Hermann Pallhuber: Titan’s Progress
Commissioned by Brass Band Oberosterreich for the 2007 European Brass Band Championships at Symphony Hall in Birmingham, Hermann Pallhuber’s Titan’s Progress is ‘On A Theme Of Mahler’. The piece has since been used as the test piece for the 2009 British Open and the 2019 Championship Section National Finals held at the Royal Albert Hall.
In Pallhuber’s programme note, he describes his inspirations behind the work:
“Titan was a novel by the German author Johann Paul Friedrich Richter, who later called himself Jean Paul. It is considered the author’s main work and he referred to it as his ‘cardinal and capital novel’. It is almost 900 pages in length and tells the story of the transition of its hero, Albano de Cesara, from a passionate youth to a mature man. Jean Paul was one of Gustav Mahler’s favourite authors and the latter gave the original five-movement version of his First Symphony the subtitle ‘The Titan’ – in deference to Jean Paul’s novel.”
Pallhuber uses Mahler’s First Symphony as a point of reference throughout his own work, using fragments of themes. He goes on to say that:
“Titan’s Progress, which is my first work for the British style brass band, also contains references to the music of Gustav Mahler. Motifs from his First Symphony are employed throughout (like trumpet signals, the interval of a falling fourth, and chromatically falling triplets), especially the principal theme of the finale.
I have adapted this heroic martial motif as the basis for the main theme of my own Titan’s Progress – the chorale melody which is heard three times in all and represents the progress of Albano’s ‘titanic’ experience, My music is programmatic and uses the content of the novel and its hero Albano’s evolution for its underlying structure. The stylistic variety of the work (including the Chorale, an impudent Landler, a dancing Farandole, and a climactic Fugue) is Mahler-esque in its influences.”
Opening with an explosion of sound led by a fanfare by the upper band, Pallhuber employs bars of silence to balance out the incredibly loud opening theme. A mournful cornet solo follows, which sees a chamber group come together to play the chorale. The warm sounds are penetrated by gunshot-like interruptions from the cornets and snare drum. AS the music begins to build up again a jaunty Allegro section begins.
Fragments of the main theme fly around the band. Pallhuber utilises the tuned percussion here to accentuate the main themes. Reminiscent of the opening, the cornets play fragments of the opening fanfare. This section is boisterous in character and also begins to feature some of the iconic parts of Mahler’s original symphony.
The Sostenuto section sees the famous ‘fourth’ interval and a creative take on the trumpet fanfare sing through. This section, more than most, is like a snapshot of Mahler. The slow cornet solo, plus the fanfares and bass motif culminate in carbon copy of parts of Mahler’s symphony.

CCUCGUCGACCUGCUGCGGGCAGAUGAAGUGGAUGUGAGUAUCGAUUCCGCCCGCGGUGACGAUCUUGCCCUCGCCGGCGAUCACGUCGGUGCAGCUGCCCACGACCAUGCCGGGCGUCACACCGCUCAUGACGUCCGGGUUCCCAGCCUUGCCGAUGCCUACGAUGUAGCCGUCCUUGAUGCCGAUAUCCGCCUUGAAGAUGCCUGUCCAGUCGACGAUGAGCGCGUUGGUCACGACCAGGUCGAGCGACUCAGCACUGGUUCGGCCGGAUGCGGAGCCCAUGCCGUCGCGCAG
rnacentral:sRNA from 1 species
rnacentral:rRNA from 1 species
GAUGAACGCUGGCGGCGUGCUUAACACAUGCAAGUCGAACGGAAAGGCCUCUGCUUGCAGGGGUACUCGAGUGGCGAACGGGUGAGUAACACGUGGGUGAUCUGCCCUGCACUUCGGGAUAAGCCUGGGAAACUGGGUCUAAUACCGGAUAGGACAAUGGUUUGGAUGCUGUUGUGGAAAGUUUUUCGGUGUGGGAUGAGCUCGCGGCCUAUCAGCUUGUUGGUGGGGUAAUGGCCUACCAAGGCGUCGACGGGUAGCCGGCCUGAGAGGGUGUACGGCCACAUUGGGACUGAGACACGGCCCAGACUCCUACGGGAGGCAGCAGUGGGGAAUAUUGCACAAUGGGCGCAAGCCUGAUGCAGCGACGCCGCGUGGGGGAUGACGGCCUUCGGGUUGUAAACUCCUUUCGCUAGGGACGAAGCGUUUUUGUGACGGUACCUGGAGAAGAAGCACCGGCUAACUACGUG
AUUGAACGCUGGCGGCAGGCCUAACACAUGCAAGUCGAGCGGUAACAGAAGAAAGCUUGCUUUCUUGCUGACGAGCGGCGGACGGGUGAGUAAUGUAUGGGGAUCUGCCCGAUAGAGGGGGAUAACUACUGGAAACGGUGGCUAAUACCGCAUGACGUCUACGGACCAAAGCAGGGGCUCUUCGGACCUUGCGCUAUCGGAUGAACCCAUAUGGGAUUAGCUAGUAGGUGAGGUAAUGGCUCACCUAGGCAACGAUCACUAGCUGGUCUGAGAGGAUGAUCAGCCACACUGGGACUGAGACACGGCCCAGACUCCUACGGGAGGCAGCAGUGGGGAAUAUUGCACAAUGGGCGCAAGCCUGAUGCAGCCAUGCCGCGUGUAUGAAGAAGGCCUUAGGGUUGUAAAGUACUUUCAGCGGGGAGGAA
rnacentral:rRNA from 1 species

The next section, marked Con fuoco is full of energy and drive, after the slower section before it. Led by a trombone motif, Pallhuber begins to build the rich texture back up into quite a chaotic section. Swirling cornets and ominous basses collide creating a terrifying atmosphere, almost adhering to the idea of a nightmare. A rallentando pulls the music right back into an epic explosion of three chords.
A solo cornet and euphonium emerge from the muted texture with a jaunty duet in unison. Pallhuber also experiments with time signatures here, fluctuating between 8,5 and 7. Here the principal players are put to the test with complex rhythmic sections, which are intertwined with fragmented muted accompaniments.
Another calm section unfolds, with a solo cornet initiating the theme. The chorale plays out in a similar fashion to the first, with a chamber group beginning to enter and support the solo cornet. The rich textures paired with the soprano cornet’s counter-melody creates a really dynamic section of the piece.
More cornet fanfares are heard and Pallhuber’s homage to Mahler becomes apparent again. The use of very short cadenzas for principal seats also sets the scene within this section. The music pushes on with an angular melody being passed between the euphoniums and cornets. As the music begins to build up tempo, the complexity of Pallhuber’s motor rhythms become apparent. These add to the sheer excitement and sparkle as this piece enters the final phase of the piece.
The epic ending sees band unite on big and bold chords after a dramatic timpani and percussion rumble. The band then quickly goes quiet with the middle of the band flying through semiquaver patterns before the explosive fanfare is heard in its entirety for the first time. This leads to a short pause before the final, absolutely epic, note.
Full of colourful orchestration and complex writing, Hermann Pallhuber has been able to create a really exciting work for the best bands to perform. The inspiration from Mahler is clear and as the music moves along it has the listener hanging on to every changing section, wondering where on earth the music will go next. A truly exciting work to both play and listen to!
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